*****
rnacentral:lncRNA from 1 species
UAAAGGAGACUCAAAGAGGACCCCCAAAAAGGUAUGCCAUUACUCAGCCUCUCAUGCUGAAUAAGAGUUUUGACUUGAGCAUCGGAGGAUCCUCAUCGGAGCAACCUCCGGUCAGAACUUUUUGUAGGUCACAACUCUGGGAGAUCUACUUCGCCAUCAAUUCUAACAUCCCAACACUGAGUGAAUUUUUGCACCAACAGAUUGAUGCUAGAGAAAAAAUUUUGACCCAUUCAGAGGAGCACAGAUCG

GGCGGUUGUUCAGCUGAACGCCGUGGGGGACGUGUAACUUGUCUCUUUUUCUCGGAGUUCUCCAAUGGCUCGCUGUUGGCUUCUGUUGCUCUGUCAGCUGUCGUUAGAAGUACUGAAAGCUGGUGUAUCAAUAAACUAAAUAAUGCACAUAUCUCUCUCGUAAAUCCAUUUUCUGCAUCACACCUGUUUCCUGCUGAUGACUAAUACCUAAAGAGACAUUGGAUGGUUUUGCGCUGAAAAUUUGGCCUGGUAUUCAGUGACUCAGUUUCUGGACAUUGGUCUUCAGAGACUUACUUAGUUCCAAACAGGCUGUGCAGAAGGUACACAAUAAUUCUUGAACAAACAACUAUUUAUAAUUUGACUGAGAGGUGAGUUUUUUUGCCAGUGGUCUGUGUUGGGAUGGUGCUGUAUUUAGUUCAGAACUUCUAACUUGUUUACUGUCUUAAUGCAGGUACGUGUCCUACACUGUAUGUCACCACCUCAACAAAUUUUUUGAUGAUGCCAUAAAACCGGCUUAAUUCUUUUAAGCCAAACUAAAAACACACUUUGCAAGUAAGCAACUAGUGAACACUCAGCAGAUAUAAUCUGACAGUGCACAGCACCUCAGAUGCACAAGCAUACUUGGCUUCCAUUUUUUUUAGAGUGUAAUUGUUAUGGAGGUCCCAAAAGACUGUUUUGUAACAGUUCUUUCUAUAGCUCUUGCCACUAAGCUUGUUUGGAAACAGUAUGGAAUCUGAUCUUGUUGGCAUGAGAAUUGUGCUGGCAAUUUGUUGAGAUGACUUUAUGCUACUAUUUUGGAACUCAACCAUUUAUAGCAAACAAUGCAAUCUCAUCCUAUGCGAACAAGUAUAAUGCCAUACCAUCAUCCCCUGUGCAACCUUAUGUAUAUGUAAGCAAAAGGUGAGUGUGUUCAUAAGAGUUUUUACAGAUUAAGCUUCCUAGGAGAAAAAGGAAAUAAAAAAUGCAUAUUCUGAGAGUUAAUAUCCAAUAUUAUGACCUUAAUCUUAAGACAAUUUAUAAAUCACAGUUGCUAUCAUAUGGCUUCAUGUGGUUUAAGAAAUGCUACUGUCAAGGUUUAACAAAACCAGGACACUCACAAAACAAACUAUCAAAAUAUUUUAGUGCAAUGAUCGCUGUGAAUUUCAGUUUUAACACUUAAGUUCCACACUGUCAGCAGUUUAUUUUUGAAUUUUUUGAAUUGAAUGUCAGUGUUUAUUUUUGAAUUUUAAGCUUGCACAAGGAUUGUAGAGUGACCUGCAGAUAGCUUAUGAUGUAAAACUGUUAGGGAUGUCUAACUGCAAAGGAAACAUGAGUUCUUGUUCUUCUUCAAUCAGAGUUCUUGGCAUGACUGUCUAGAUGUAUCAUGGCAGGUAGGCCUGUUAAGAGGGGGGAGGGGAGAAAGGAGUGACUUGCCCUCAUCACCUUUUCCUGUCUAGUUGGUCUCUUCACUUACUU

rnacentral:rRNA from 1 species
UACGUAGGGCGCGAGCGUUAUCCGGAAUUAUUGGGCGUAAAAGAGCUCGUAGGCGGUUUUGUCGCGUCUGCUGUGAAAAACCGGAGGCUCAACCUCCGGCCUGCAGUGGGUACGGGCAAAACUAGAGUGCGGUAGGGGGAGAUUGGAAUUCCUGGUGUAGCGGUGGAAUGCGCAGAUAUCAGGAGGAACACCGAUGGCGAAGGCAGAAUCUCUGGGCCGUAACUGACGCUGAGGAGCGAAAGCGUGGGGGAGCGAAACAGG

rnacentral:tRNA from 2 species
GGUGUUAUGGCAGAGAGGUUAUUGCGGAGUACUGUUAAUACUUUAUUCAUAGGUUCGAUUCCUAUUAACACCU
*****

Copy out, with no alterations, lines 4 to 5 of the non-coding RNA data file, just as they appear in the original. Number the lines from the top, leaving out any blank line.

rnacentral:rRNA from 1 species
UACGUAGGGCGCGAGCGUUAUCCGGAAUUAUUGGGCGUAAAAGAGCUCGUAGGCGGUUUUGUCGCGUCUGCUGUGAAAAACCGGAGGCUCAACCUCCGGCCUGCAGUGGGUACGGGCAAAACUAGAGUGCGGUAGGGGGAGAUUGGAAUUCCUGGUGUAGCGGUGGAAUGCGCAGAUAUCAGGAGGAACACCGAUGGCGAAGGCAGAAUCUCUGGGCCGUAACUGACGCUGAGGAGCGAAAGCGUGGGGGAGCGAAACAGG